b vitamin breast no good

b vitamin breast no good - British Journal of Cancer(2008...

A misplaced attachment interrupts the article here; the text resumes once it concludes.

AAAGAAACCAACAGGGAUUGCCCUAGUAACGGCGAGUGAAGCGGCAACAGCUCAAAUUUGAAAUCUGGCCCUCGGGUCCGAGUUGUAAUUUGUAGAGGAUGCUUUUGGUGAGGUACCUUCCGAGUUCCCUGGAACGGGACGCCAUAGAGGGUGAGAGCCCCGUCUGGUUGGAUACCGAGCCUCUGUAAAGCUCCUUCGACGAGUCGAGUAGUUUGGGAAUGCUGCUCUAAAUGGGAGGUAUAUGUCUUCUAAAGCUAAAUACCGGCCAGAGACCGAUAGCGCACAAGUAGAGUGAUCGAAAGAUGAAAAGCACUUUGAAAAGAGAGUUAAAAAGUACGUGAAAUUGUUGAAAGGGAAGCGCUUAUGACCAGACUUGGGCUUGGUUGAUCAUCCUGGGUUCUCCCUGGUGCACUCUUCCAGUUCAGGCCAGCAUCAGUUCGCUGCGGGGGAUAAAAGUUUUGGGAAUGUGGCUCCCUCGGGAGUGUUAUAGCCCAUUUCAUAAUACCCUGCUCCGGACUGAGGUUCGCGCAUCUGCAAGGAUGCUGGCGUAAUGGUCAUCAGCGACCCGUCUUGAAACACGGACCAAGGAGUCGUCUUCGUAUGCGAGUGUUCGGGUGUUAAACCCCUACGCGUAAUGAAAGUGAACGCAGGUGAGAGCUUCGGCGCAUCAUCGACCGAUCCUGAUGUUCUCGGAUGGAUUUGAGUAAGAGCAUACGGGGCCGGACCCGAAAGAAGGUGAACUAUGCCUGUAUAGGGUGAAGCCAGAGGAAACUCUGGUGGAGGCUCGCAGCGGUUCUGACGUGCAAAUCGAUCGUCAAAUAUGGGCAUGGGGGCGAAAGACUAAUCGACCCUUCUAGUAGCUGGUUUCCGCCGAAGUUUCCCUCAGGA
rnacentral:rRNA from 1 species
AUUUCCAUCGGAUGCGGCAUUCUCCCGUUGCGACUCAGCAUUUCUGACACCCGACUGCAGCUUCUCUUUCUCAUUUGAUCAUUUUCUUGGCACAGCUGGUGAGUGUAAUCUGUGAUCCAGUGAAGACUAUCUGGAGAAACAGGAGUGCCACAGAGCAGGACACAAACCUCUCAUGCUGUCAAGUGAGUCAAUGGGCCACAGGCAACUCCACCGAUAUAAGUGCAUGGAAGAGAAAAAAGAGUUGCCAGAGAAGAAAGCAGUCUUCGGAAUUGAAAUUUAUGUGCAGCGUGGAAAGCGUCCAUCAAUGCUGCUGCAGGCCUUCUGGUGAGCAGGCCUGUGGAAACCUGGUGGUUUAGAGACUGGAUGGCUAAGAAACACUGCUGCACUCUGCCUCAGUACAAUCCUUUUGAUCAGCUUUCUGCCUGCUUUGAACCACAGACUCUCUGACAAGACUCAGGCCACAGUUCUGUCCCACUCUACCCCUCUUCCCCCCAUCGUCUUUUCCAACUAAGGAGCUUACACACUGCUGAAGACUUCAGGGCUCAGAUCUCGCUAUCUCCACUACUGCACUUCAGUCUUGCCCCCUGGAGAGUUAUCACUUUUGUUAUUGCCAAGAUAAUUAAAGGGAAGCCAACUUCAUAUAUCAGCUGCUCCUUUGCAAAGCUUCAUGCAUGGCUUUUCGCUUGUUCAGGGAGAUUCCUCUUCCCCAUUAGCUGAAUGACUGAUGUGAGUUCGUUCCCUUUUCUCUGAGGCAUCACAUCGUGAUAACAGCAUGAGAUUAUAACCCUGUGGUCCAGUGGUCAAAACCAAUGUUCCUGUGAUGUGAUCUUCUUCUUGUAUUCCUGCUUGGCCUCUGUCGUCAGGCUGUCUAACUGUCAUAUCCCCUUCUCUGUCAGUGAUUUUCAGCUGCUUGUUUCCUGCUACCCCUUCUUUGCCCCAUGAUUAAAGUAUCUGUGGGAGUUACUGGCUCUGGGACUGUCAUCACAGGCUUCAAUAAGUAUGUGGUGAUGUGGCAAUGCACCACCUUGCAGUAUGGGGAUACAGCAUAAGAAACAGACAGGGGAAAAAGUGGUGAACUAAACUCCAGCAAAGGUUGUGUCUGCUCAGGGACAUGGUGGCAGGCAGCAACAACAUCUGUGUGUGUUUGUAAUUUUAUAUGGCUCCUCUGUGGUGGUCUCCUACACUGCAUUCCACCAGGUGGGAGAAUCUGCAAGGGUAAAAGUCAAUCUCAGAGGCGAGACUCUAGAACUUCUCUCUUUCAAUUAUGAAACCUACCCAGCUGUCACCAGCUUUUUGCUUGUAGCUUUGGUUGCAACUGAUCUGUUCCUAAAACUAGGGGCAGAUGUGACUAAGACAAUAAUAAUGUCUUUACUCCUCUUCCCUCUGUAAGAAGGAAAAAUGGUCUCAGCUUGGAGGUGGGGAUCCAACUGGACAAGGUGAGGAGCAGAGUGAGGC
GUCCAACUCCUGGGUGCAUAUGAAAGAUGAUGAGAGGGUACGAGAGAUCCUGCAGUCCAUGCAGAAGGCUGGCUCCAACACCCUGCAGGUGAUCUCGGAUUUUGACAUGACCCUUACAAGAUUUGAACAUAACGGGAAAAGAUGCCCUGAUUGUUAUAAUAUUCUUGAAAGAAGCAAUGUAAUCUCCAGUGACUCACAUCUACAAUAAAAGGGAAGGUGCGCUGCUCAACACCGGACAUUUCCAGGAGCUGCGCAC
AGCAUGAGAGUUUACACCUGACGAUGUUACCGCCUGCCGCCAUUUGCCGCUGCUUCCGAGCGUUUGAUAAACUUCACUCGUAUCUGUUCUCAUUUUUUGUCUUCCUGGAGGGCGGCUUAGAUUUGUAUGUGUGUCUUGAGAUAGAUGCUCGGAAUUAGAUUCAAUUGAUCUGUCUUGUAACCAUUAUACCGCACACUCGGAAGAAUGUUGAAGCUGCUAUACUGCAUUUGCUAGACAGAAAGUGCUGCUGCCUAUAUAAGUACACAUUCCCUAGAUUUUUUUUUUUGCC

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Dietary intake of selected B vitamins in relation to risk of major cancers in women GC Kabat * ,1 , AB Miller 2 , M Jain 2 and TE Rohan 1 1 Department of Epidemiology and Population Health, Albert Einstein College of Medicine, 1300 Morris Park Avenue, Room 1301, NY 10461, USA; 2 Department of Public Health Sciences, University of Toronto, Toronto, Canada Although folic acid has been investigated for its potential to inhibit carcinogenesis, few epidemiologic studies have assessed the effects of intake of thiamin, riboflavin, and niacin, which may reduce cancer risk by acting as cofactors in folate metabolism or by other mechanisms. Using data from a large cohort of Canadian women, we examined the association of dietary intake of these nutrients, as well as intake of folate, methionine, and alcohol, with cancers of the breast, endometrium, ovary, colorectum, and lung ascertained during an average of 16.4 years of follow-up. After exclusions, the following numbers of incident cases were available for analysis: breast, n ¼ 2491; endometrium, n ¼ 426; ovary, n ¼ 264; colorectum, n ¼ 617; and lung, n ¼ 358. Cox proportional hazard models were used to estimate risk of each cancer with individual nutrients and to explore possible effect modification by combinations of nutrients on cancer risk. Few significant associations of intake of individual B vitamins with the five cancers were observed. Alcohol consumption showed a modest positive association with breast cancer risk but not with risk of the other cancers. There was no evidence of effect modification among the nutrients. This large study provides little support for an association of dietary intake thiamin, riboflavin, niacin, folate, or methionine with five major cancers in women. British Journal of Cancer (2008) 99, 816–821. doi:10.1038/sj.bjc.6604540 www.bjcancer.com Published online 29 July 2008 & 2008 Cancer Research UK Keywords: dietary folate; thiamin; riboflavin; niacin; methionine; female neoplasms ± ± ± ± ± ± ± ± ± ± ± ± ± ± ± ± ± ± ± ± ± ± ± ± ± ± ± ± ± ± ± ± ± ± ± ± ± ± ± ± ± ± ± ± ± ± Interest in the potential of folate to reduce the risk of common cancers stems from the important role of this B vitamin in one- carbon metabolism. Optimal one-carbon metabolism is necessary for the synthesis of the purines, adenine and guanine, and the conversion of uridylate to thymidylate, which blocks the misincorporation of uracil into DNA (Choi and Mason, 2000; Ziegler and Lim, 2007). Dysregulation of one-carbon metabolism and DNA methylation is believed to promote carcinogenesis (Kim, 2004). Other B vitamins, including thiamin (vitamin B1), riboflavin (vitamin B2), and niacin (vitamin B3) may also play a role in carcinogenesis, either by acting as cofactors in folate metabolism (riboflavin (Powers, 2003, 2005)) or by their independent roles in DNA synthesis (thiamin (Boros, 2000)), maintaining genomic stability, DNA repair, and regulation of cell division and apoptosis (niacin (Jacobson et al , 1995; Ames, 2001; Kirkland, 2003)).
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